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Volunteer Advocate
cf insights cf insights


We’ve been talking about mental health a lot this month, and self-care plays a pivotal role in both physical and mental health. While we’ve been sharing resources and information, we know some of the best resources are the advice from CFers themselves. Here are some tips and advice from our community:

  • “As far as self-care, you cannot pour from an empty cup. Take the time to refill and refresh or you may not be any good to yourself or those around you.” – Jess Best
  • “I have learned that I can’t manage everything on my own, and that pride should not get in the way of happiness. Although it may be difficult at first to find the right person that can fathom the multi-level affects that CF can create in our minds, finding a friend or counsellor you can trust is imperative. Take the time to invest in yourself. If you don’t get the help that resonates with you, then keep searching for it. Your mental health is so very important!” – Timothy Vallillee
  • “Don’t spend your time worrying about your “expiration date”. As my mother said, anyone could walk out of their house tomorrow and get hit by a bus – there are no guarantees when it comes to your time on this earth, so it is best to make the most of it without focusing on when and how it will end. Take the best care of yourself that you can, and then do things that make you happy!” – Terra Stephenson
  • “Don’t be afraid to say no. Listen to your body. It took me a long time to understand that there are days where I need to lay on the couch all day to recharge and I don’t need to feel guilty for it.” – Mackenzie Norris
  • “I’ve learned that if you don’t take care of yourself, you won’t be able to do the things you want to do.  I’ve always stayed in tune with not only my body, but also my mind. I find I’m always reflecting on how I’m feeling physically, mentally and emotionally so that I can take steps to stay healthy in all aspects of my life. But this constant thought process of evaluating how I’m doing can often backfire. Too much thinking equals too much stress. One trick I’ve found hugely helpful in quieting my mind has been Mindfulness meditation or Mindfullness-based stress reduction. Granted it takes a bit of learning, commitment and time but it’s the only thing that I’ve found that really allows me to relax, feel more at peace and be able to cope with everything CF throws my way. I would highly recommend mindfulness meditation as a way to cope with CF and life’s stressors.” – Kim Wood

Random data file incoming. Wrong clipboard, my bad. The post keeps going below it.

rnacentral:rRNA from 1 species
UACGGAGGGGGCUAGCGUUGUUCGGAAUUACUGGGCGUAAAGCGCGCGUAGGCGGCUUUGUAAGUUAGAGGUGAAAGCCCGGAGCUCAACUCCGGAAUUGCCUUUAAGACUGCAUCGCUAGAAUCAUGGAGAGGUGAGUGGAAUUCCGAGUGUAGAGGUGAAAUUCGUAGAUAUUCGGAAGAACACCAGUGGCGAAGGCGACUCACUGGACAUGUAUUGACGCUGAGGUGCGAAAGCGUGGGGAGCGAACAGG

• “Make sure you talk to people around you and don’t hide it. It can be very damaging. There are great teams at your CF clinic that can help find you help. With the amount of stress we endure and the dramatic events that can take place it is very common for Cystic Fibrosis patients to need mental health care.” – Rob Burtch
  • “My best lessons about self-care in relation to Mental Health are to not be afraid to ask for help. There is such a stigma around Mental Health issues that many people are often afraid and embarrassed to look for help. CF causes scars both physically and mentally that we have to deal with on a daily basis and there is no shame in asking for help. Unfortunately, I developed PTSD after a life-altering ICU admission a few years ago. I never spoke of it until it was to the point that I wasn’t sleeping, and I could focus on nothing other than that ICU admission. Asking for help was freeing, it allowed me to show fear and vulnerability for the first time without worrying about the repercussions. Never be afraid to look weak, our lives are depicted by the scars we have; CFers are survivors and that will always be something to be proud of.” – Meaghan Macrury
  • “Listen to your body, and mind. Do not let your pride get in the way, learn to ask for and receive help! Take advantage of the many resources that are available from your family physician, CF clinic, CF Canada, or other persons/families affected by CF. If you are feeling overwhelmed, depressed or are having thoughts of self-harm please seek professional advice.” – Brenda Chambers-Ivey
  • “It took me a long time to recognize my anxiety; it has been with me since I was a child. Not until later in my adulthood did I really begin to identify and recognize the real need for help in understanding and dealing with it.  This, I offer, is a key component of personal care; be proactive.  If you think there may be an issue, seek guidance to learn about and understand what you may be feeling.  There are different care options and practices.  You can explore these with guidance to see what “fits.” Now, more than ever, there are avenues one can navigate to assist with mental health self-care.  I believe seeking help allows for better understanding, acceptance and ultimately finding ways to deal with and heal oneself.  For me, it is a daily process, but I am more equipped to manage and even prevent larger scale issues because I know how to use strategies that help and where to seek further assistance and potentially get answers when needed.  Moreover, I am neither ashamed nor scared to do the aforementioned or to discuss my mental health; my anxiety is real and is part of my everyday life.  So I attend to it daily, like the rest of my health care, the best I can.” – Alex McCombes


Have insights you would also like to share? To be quoted in our blog please contact Terra at tgillespie@cysticfibrosis.ca